Resource Review: the Choral Public Domain Library

 The first resource that changed my life as a choir director was the Choral Public Domain Library, a huge crowd-sourced repository of public domain choral works. As of this writing, they host scores for over 40,000 works by more than 4000 composers, all free for downloading. Nothing on the website costs money, and you do not need to sign up to acquire anything.

With the multi-category search tool, you can filter your search results by language, voicing, musical era, genre, accompaniment, and more. Most composers have biographies and historical context pages, and translations are available for most common texts.

After using the site for a while, you'll start to find editors that you trust - since anyone can upload their scores, you're bound to find errors in your music sometimes. Some editors clearly have priorities other than ease of reading the score, so check multiple editions for staff spacing, readable fonts, and so on. My favourites are David Fraser, Brian Marble, Rafael Ornes and Abel Di Marco, but you'll find your own, depending on what you're looking for. You'll even develop your own preferences for what constitutes a "readable score." Does your choir have fits when the unit beat is a half note instead of a quarter? Avoid David Fraser. Do you like to have a translation and complete edition notes at the end? Try Rafael Ornes.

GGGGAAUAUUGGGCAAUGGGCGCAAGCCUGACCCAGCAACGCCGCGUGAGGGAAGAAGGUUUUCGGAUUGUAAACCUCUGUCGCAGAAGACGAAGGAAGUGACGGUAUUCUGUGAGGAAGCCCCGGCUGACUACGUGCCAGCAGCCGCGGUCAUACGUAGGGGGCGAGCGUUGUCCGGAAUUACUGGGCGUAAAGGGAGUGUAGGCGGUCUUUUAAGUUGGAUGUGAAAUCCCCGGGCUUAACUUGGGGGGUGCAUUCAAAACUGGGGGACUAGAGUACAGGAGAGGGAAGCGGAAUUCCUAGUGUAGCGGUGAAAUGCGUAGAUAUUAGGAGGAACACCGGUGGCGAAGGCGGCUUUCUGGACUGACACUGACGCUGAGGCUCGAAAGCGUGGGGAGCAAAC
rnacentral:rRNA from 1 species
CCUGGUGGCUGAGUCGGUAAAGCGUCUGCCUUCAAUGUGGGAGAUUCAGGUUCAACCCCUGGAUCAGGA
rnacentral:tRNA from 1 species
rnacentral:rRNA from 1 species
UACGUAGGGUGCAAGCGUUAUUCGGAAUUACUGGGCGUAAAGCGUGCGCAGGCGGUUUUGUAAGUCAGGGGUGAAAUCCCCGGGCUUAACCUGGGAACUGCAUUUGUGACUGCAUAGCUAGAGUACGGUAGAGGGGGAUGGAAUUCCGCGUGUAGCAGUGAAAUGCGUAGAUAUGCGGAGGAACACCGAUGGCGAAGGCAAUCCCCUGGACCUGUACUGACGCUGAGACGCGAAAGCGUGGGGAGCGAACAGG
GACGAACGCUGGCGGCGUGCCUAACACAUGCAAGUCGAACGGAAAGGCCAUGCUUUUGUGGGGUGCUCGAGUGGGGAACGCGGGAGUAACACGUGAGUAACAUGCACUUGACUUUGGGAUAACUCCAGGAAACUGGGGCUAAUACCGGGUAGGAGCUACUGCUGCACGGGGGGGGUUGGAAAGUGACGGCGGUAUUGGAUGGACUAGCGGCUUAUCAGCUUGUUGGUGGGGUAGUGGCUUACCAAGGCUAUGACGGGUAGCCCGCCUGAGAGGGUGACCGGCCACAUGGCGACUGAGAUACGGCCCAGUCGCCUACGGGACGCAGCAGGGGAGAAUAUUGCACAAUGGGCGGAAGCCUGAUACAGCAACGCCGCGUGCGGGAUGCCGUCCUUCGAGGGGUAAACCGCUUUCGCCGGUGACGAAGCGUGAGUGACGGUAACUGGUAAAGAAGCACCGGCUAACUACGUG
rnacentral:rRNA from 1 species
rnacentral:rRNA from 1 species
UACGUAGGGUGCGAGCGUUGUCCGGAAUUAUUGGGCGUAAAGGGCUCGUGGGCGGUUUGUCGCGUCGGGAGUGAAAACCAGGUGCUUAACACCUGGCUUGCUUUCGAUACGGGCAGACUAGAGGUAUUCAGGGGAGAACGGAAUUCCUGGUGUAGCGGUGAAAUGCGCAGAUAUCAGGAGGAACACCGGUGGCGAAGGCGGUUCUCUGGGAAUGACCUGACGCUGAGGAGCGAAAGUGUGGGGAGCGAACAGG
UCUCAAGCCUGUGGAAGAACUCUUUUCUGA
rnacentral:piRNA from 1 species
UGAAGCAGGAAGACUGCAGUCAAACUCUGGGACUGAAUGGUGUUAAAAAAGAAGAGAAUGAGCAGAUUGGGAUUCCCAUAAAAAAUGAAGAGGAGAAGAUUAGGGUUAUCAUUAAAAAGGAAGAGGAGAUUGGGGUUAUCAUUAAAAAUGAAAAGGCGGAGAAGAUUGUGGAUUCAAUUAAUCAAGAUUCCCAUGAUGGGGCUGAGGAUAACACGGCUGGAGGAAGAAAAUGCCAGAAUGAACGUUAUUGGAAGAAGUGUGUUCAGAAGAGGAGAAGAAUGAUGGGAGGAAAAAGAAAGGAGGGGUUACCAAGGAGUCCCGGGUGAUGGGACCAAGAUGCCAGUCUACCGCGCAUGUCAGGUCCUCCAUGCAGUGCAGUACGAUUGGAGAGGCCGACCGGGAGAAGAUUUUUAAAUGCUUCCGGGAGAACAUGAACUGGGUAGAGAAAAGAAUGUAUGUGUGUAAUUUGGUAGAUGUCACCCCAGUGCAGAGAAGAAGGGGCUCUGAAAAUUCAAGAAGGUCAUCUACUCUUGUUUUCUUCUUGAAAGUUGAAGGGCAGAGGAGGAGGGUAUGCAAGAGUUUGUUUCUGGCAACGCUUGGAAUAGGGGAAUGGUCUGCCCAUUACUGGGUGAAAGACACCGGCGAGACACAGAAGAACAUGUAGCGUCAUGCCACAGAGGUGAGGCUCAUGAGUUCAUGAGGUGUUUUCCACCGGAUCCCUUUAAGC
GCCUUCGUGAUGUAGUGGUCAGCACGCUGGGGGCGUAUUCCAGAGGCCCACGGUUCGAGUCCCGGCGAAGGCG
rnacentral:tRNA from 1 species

You won't find many hymns on here; I use this site to find meditation pieces for the choir to sing after Communion. There are plenty of great little gems in English on here, if you have a choir or congregation that is resistant to Latin - try looking through the works of William Byrd or Thomas Tallis, for a start.

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